In my previous post, I left you with photographs of the Kiyomizu-dera Buddhist temple in Kyoto.
Next up in Kyoto for us was the famous Golden Pavilion! This Buddhist temple actually has two names. It is officially called Rokuon-ji (meaning Deer Garden Temple), but is known colloquially as Kinkaku-ji (meaning Temple of the Golden Pavilion).
The temple originally started out as a villa called Kitayama-dai. In 1397 the villa was purchased, and conversion in to the temple complex seen today began. During the Ōnin civil war in the 1400s, all buildings bar the pavilion were destroyed. The pavilion itself was burnt down in 1950 after a monk attempted suicide by fire on the hill nearby. As such, the present structure dates back to 1955, when it was rebuilt. The reconstructed version of the pavilion is said to be faithful to the original, although there is some dispute as to how much gold leaf was originally in use.
As with many temples in Japan, Kinkaku-ji sits in beautiful gardens, alongside a lake.
The grounds contain the usual fare of tea rooms and places to receive blessings, although there did not appear to be any other shrines sharing the grounds.
The grounds of the temple are quite large, and provide an excellent place to walk. Unfortunately, it was not possible to enter the temple when we visited (I’m unsure if it’s ever possible).
From Kinkaku-ji, we headed to the Arashiyama district to visit the famous Sagano Bamboo Forest. We parked a little away, and decided to walk there. On the way we walked by a small pond, which had some wading birds in it.
It’s interesting to see that Japan has the same herons and egrets that we get back in the UK- I’d been imagining that they might have something more exotic!
After a reasonably short walk, we made it to the (very busy) bamboo forest.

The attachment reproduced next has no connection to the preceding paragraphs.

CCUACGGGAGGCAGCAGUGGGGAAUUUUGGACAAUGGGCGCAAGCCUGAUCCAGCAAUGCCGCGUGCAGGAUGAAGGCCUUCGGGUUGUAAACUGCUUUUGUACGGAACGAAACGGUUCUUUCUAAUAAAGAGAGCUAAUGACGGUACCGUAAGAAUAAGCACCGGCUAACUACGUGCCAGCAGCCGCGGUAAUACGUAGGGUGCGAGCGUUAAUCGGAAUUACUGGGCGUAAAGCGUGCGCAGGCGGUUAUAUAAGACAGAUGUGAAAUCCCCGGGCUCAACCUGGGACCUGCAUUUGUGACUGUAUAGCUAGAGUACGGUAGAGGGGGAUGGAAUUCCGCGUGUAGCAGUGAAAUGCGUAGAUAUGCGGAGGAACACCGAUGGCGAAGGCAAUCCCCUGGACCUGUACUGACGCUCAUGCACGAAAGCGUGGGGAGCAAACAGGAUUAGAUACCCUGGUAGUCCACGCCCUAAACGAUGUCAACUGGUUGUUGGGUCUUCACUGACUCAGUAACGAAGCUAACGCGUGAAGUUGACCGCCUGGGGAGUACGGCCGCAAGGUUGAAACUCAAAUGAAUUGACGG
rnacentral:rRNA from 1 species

In my mind, bamboo is the canes that you see at garden centres for holding up other plants. I’d never really thought of it as being so huge!
With the slight wind blowing, the bamboo rustles gently as it drifts back and forth.
There was quite a lot of places to walk within the area, and inadvertently learn about local business; we walked past a bamboo processing site, where great canes of it were being dried and processed.
A train line also runs through the area with a small pedestrian crossing, posing the opportunity for a train photo. I’m turning into my dad.
Within the forests there were also some small shrines, but by this point we were feeling a little temple-d out for the day and so decided to skip them.
We did however meet the coolest dog we’ve ever seen!
He had an excellent shirt.
We still had some time to kill today, we decided to check out the shops in Kyoto for the evening. As it turns out, it’s not just Tokyo that’s home to animal cafes. I present to you, Tom’s Mr. Hedgie café!
Located in the Nakagyo district of Kyoto, it made for an interesting place to stop off. Holding a hedgehog was pretty cool, though mainly they wanted to just sleep (I don’t blame them to be honest).
Seeing the hedgehogs up close was cool, if nothing else! We kept handling to a minimum because, well, they’re pretty spiky.
From here we walked on to the Nishiki Market, which starting to wind down for the day by the time we arrived (around 7PM).
I quite enjoyed this market. If I was to visit Kyoto again I’d try and eat here, or perhaps even rent a place with a kitchen to stay so that I could try cooking myself. This market specialised in food, and it’s just so interesting for me to see how the fares differ from what you see back in Europe.
There was a real focus on seafood here, assumedly because of the proximity to Osaka (a port city).
For reference, £1 is about 150 yen.
As we’d just eaten I did not try an octopus on a stick- maybe next time!
After wandering around the markets for a little, we departed for our next destination- Osaka!